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221 posts

Master Geek

Topic # 78795 8-Mar-2011 11:48
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Looking at getting a UPS or 2 for my office. Essentially I want my workstation  PC, a couple of NAS devices and WHS to be connected.

What I am unsure of is how long the batteries last for when the power goes off - my workstation has a 1200watt power supply I think (does this matter...?) Ideally the longer the better obviously.

I've heard that batteries need to be replaced every 2 years - is this true?

Any advice much appreciated


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  Reply # 446614 8-Mar-2011 12:24
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Best way to size the UPS is to grab one of those cheap Elto power meters (<$25 from bunning, mitre 10 or the supermarket).  Measure the power used by each device you are going to connect to the UPS to get a rough watts total then convert to VA (see below).

Remember to put the device under load to get a more representative value, ie: don't measure your PC while it's idle crank some programs/games/benchmarks.

UPS's are typically quoted in VA (volt amps), as a general rule of thumb: watts used / 0.6 gives you an safe approximate VA value to aim for.

A good 2000VA UPS is going to cost you quite a bit, probably around $1k+

So definitely measure with a power meter.

I suspect even though your PSU is 1200w it won't be using near that amount.

APC have a UPS calculator online too: 


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  Reply # 446658 8-Mar-2011 14:31
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I will mention soft factors. It is worth giving thought about other things which happen when power is not available.

Light can be a problem, especially if maintenance or hardware reconfiguration is required in those conditions, or just to see where all the plugs are going.

Also, consider creating power profiles to enable in the event, speedstep/powernow to minimum use, disabling scheduled scans/tasks etc.

Some apps/services do not behave well with speedstep/pn enabled, some verification ahead of time is a good idea to ensure efficiency.

A second smaller efficient monitor may be worth considering if available.

Also, when it happens, you can find yourself shutting down some systems and peripheral devices to keep the rest running longer, even moving data between systems.

Having a clear idea of the required configuration, and what the fallback positions are, saves a lot of time in the event.


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  Reply # 446667 8-Mar-2011 14:50
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Instead of one big UPS, look at getting a few smaller ones. Might cost you the same at the start, but replacing the batteries will end up cheaper.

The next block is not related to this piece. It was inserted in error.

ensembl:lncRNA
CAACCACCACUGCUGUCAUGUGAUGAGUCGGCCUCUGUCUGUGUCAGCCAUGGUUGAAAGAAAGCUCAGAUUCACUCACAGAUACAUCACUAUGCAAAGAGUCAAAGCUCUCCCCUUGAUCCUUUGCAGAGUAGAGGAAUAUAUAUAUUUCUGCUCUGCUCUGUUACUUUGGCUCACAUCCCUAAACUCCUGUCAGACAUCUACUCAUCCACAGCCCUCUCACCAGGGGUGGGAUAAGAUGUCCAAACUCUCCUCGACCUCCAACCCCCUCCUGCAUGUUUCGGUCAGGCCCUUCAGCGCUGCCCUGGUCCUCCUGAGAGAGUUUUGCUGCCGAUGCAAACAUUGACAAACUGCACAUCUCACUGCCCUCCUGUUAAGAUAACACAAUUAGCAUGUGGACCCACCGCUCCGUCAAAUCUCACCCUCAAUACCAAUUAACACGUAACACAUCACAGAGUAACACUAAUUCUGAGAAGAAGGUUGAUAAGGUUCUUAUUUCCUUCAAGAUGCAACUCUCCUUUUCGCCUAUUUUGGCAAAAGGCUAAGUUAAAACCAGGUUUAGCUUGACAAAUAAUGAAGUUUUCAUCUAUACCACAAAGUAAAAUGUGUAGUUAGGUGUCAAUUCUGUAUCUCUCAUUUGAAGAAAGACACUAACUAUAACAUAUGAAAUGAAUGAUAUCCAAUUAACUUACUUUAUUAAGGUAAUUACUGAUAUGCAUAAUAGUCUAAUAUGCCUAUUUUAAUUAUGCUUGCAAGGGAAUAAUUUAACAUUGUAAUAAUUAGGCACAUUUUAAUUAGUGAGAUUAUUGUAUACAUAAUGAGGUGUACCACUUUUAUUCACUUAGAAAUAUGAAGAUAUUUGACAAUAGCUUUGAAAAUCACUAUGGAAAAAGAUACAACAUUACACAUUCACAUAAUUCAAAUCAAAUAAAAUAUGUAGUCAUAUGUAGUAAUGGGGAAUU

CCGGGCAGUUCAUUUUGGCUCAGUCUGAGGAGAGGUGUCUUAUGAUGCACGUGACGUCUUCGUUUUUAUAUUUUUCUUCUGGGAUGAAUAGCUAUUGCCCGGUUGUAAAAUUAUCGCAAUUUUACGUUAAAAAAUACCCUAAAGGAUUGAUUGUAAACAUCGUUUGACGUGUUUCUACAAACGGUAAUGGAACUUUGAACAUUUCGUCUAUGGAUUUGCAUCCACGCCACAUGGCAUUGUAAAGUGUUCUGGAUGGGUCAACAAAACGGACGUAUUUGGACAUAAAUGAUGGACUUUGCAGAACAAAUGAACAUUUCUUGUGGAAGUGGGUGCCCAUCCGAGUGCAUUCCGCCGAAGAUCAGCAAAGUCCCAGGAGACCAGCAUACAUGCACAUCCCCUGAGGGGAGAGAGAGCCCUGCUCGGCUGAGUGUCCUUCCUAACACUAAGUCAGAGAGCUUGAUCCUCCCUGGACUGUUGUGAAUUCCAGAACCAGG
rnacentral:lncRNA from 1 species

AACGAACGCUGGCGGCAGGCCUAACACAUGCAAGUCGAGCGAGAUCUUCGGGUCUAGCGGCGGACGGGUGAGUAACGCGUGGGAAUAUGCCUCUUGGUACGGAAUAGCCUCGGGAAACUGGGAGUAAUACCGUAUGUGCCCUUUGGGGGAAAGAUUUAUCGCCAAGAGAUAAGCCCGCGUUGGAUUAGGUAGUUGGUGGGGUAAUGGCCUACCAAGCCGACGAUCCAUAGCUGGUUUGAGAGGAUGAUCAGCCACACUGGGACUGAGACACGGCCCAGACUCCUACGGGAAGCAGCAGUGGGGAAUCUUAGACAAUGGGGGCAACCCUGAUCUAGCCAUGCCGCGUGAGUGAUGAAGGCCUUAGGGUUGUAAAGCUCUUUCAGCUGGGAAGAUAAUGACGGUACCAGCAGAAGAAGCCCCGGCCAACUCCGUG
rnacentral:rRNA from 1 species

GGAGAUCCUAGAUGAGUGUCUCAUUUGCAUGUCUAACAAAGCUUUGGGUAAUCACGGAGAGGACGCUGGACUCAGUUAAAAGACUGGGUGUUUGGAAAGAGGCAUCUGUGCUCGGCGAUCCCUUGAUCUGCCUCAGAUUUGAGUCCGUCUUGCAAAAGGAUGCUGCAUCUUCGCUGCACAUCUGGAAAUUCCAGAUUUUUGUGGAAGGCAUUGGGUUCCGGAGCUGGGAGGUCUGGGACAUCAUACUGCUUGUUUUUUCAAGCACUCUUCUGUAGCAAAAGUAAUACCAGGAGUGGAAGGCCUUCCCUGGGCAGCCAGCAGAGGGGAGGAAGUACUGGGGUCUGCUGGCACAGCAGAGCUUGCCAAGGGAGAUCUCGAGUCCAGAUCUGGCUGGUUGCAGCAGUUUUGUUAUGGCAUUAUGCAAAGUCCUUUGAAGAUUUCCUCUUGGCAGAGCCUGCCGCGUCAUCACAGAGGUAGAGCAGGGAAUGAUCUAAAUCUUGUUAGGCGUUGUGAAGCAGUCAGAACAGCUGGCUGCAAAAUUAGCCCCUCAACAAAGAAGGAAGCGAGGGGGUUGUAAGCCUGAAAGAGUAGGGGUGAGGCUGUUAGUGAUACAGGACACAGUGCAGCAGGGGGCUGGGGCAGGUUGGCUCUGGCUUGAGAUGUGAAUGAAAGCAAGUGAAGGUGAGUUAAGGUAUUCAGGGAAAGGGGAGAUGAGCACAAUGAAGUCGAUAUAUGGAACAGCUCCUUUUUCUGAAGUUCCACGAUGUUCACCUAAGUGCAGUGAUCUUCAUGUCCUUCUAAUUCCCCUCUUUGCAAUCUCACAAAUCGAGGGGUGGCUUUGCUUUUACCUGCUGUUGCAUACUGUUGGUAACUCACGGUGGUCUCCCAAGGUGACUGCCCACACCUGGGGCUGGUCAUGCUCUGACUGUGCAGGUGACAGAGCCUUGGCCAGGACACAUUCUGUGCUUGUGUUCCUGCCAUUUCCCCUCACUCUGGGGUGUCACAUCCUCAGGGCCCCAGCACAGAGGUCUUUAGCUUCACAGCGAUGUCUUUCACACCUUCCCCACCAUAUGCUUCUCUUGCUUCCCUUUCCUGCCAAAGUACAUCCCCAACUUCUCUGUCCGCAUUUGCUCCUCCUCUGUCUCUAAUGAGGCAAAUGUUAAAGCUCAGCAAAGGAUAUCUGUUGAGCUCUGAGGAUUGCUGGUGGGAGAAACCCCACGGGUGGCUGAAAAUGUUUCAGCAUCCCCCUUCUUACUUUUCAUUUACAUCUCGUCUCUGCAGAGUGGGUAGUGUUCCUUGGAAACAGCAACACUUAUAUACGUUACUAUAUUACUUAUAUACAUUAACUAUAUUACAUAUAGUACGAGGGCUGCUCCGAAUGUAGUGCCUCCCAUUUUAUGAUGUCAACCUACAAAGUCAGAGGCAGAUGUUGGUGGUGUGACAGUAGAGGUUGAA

And yes, changing a battery every two years is about what you would expect, but the UPS device should perform monthly automated self-tests and notify you when its time to replace the battery.

Also, using maybe 1 small UPS per PC might be an idea as each PC can then administer its own power supply and shut down accordingly. 

Another downside to using 1 big UPS; some UPS's cannot be managed by more than one PC, so if the power goes, the other PC's will not shut down when needed (without serious scripting from a programmer anyway).

APC are a good brand in terms reliability and performance. I recommend them. In my office I have 3 of the 500VA APC models.

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Master Geek

  Reply # 446669 8-Mar-2011 15:07
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This is great info guys - Big thanks!

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  Reply # 446841 9-Mar-2011 06:14
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Typical desktop with low cost UPS (like from DSE etc.) you are looking at a run time of about 15 minutes if you quit your heavy load game when the power goes out.

The night I installed a UPS for my in-laws the power went out. It was great having the monitor light up the room and took us a while to understand why the PC is running but everything else is off ;-).

You can never have enough Volvos!

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Microsoft NZ

  Reply # 447038 9-Mar-2011 18:03
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i always buy APC ups's. They inetgrate nicely into windows and show up as a battery. You can then use the windows power settings to control sleep, shutdown settings etc.

i havent found another brand that integrates as well - usually you have to deploy crappy 3rd party software

you can usually egt replacement batteries for APC too.

therefore, i only recommend APC :-)

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Microsoft NZ
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